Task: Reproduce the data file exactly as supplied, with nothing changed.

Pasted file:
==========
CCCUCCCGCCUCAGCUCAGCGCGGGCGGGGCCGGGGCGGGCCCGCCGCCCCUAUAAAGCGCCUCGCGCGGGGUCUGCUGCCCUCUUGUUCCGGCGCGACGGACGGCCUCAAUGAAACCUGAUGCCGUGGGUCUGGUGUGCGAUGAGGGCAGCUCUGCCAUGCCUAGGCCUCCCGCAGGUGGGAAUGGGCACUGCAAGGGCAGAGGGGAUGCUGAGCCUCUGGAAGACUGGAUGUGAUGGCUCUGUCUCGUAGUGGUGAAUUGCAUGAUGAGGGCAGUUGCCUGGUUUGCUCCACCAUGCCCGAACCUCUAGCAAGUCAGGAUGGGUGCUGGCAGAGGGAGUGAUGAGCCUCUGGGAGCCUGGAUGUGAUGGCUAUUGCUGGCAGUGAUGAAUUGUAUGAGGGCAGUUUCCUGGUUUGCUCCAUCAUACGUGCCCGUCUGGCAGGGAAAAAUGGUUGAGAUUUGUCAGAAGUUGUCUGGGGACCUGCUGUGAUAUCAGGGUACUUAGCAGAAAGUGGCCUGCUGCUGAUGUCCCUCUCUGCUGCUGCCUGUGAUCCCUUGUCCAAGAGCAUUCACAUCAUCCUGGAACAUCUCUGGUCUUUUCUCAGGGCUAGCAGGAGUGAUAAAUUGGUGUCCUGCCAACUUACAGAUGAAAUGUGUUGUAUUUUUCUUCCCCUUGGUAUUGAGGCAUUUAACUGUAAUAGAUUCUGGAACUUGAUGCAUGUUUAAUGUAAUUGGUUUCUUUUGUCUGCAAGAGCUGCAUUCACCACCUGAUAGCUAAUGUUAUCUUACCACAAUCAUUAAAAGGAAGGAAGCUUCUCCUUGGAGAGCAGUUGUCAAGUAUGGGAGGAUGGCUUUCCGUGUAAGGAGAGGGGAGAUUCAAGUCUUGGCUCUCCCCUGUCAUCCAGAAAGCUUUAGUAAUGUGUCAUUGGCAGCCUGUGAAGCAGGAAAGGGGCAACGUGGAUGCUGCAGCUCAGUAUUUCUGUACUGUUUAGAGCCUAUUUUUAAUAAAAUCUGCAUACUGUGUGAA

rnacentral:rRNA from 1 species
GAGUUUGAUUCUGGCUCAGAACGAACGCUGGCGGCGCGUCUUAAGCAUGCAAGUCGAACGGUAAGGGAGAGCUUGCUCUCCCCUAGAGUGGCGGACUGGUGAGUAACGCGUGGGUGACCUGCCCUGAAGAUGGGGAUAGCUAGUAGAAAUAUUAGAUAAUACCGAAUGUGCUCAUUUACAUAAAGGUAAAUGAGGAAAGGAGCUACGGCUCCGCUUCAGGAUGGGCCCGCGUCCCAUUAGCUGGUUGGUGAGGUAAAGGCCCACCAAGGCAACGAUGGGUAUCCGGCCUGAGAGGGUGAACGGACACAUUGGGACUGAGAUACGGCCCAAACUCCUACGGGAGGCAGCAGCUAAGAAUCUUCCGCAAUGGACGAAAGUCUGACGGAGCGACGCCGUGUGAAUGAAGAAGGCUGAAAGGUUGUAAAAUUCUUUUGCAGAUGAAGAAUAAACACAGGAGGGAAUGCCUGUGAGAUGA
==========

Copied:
CCCUCCCGCCUCAGCUCAGCGCGGGCGGGGCCGGGGCGGGCCCGCCGCCCCUAUAAAGCGCCUCGCGCGGGGUCUGCUGCCCUCUUGUUCCGGCGCGACGGACGGCCUCAAUGAAACCUGAUGCCGUGGGUCUGGUGUGCGAUGAGGGCAGCUCUGCCAUGCCUAGGCCUCCCGCAGGUGGGAAUGGGCACUGCAAGGGCAGAGGGGAUGCUGAGCCUCUGGAAGACUGGAUGUGAUGGCUCUGUCUCGUAGUGGUGAAUUGCAUGAUGAGGGCAGUUGCCUGGUUUGCUCCACCAUGCCCGAACCUCUAGCAAGUCAGGAUGGGUGCUGGCAGAGGGAGUGAUGAGCCUCUGGGAGCCUGGAUGUGAUGGCUAUUGCUGGCAGUGAUGAAUUGUAUGAGGGCAGUUUCCUGGUUUGCUCCAUCAUACGUGCCCGUCUGGCAGGGAAAAAUGGUUGAGAUUUGUCAGAAGUUGUCUGGGGACCUGCUGUGAUAUCAGGGUACUUAGCAGAAAGUGGCCUGCUGCUGAUGUCCCUCUCUGCUGCUGCCUGUGAUCCCUUGUCCAAGAGCAUUCACAUCAUCCUGGAACAUCUCUGGUCUUUUCUCAGGGCUAGCAGGAGUGAUAAAUUGGUGUCCUGCCAACUUACAGAUGAAAUGUGUUGUAUUUUUCUUCCCCUUGGUAUUGAGGCAUUUAACUGUAAUAGAUUCUGGAACUUGAUGCAUGUUUAAUGUAAUUGGUUUCUUUUGUCUGCAAGAGCUGCAUUCACCACCUGAUAGCUAAUGUUAUCUUACCACAAUCAUUAAAAGGAAGGAAGCUUCUCCUUGGAGAGCAGUUGUCAAGUAUGGGAGGAUGGCUUUCCGUGUAAGGAGAGGGGAGAUUCAAGUCUUGGCUCUCCCCUGUCAUCCAGAAAGCUUUAGUAAUGUGUCAUUGGCAGCCUGUGAAGCAGGAAAGGGGCAACGUGGAUGCUGCAGCUCAGUAUUUCUGUACUGUUUAGAGCCUAUUUUUAAUAAAAUCUGCAUACUGUGUGAA

rnacentral:rRNA from 1 species
GAGUUUGAUUCUGGCUCAGAACGAACGCUGGCGGCGCGUCUUAAGCAUGCAAGUCGAACGGUAAGGGAGAGCUUGCUCUCCCCUAGAGUGGCGGACUGGUGAGUAACGCGUGGGUGACCUGCCCUGAAGAUGGGGAUAGCUAGUAGAAAUAUUAGAUAAUACCGAAUGUGCUCAUUUACAUAAAGGUAAAUGAGGAAAGGAGCUACGGCUCCGCUUCAGGAUGGGCCCGCGUCCCAUUAGCUGGUUGGUGAGGUAAAGGCCCACCAAGGCAACGAUGGGUAUCCGGCCUGAGAGGGUGAACGGACACAUUGGGACUGAGAUACGGCCCAAACUCCUACGGGAGGCAGCAGCUAAGAAUCUUCCGCAAUGGACGAAAGUCUGACGGAGCGACGCCGUGUGAAUGAAGAAGGCUGAAAGGUUGUAAAAUUCUUUUGCAGAUGAAGAAUAAACACAGGAGGGAAUGCCUGUGAGAUGA